The medical saga kicked off in northern Italy two weeks ago, when the father of the child – who has heart disease – asked Bologna’s Sant’Orsola hospital not to use blood donated by people who had been vaccinated against Covid, causing the surgery to be delayed.
The man took to anti-vax Telegram channels in search of volunteers. “Urgent. Unvaccinated blood needed for a delicate surgery,” he wrote, under the pseudonym Paolo, according to Italian paper La Gazzetta di Modena.
When doctors told the parents that the request – which was reportedly made for religious reasons – did not adhere to the hospital’s criteria for blood donations, the couple turned to lawyers and launched legal action.
The matter was taken by the hospital to the tutelary judge in nearby Modena, whose role is to oversee the protection of vulnerable individuals including children, and whose court proceedings are informal in nature.
The judge turned down the parents’ appeal and said it was entirely safe to use blood from vaccinated donors. The couple’s lawyer said they may appeal, according to national news agency ANSA.
The parents had reportedly put forward a list of 40 unvaccinated people who were willing to donate their blood to their sick son.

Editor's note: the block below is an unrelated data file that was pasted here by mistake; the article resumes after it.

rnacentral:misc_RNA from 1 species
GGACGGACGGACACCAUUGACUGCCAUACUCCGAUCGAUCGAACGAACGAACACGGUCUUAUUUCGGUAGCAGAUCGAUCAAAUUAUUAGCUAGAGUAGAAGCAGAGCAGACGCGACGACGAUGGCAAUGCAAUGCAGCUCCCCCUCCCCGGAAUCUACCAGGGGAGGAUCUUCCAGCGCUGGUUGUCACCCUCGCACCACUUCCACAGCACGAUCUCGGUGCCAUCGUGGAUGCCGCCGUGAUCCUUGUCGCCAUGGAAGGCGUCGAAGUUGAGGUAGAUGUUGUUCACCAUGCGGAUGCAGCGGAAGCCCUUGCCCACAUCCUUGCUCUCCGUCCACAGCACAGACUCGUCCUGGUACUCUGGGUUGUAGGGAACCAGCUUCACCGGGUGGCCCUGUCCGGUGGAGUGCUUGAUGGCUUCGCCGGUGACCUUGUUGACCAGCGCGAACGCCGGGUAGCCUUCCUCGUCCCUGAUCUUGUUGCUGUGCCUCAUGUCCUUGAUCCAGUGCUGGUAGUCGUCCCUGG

But when it comes to transfusions, there are norms that must be followed, the head of Italy’s blood centre told local media.
“The choices are based on compatibility criteria and not on whims. Using the blood of unvaccinated people has no scientific basis because the vaccine is not transmitted with the transfusion,” Dr Vincenzo De Angelis told the Corriere di Bologna.
In a similar case last year, two sisters refused a blood transfusion for their ill 90-year-old father due to concerns over vaccinated donors, according to Dr Nino Cartabellotta, the head of GIMBE, an organisation in support of universal health rights.
“For many – doctors included – anecdotal results are more valuable than the large randomised and controlled clinical trials,” Dr Cartabellotta told The Independent.
On social media, some Italians expressed their frustration towards the parents and urged social services to intervene.
“This alarming phenomenon is deeply rooted in a certain part of the population and needs to be taken seriously,” one Twitter user said.
Other netizens shared their support for the couple. “Good, protecting one’s own children is sacrosanct,” another tweet read.
Nearly four-fifths of the Italian population is fully vaccinated, while about 56 per cent have had a third jab.
The Italian government last month made vaccines mandatory for over-50s, one of very few European countries to take such a step, in a bid to ease pressure on its hospitals. Nonetheless, it plans to ease tough coronavirus restrictions as of 11 February.
Italy has registered more than 138,000 coronavirus deaths since its outbreak emerged in February 2020, the second-highest toll in Europe after Britain.
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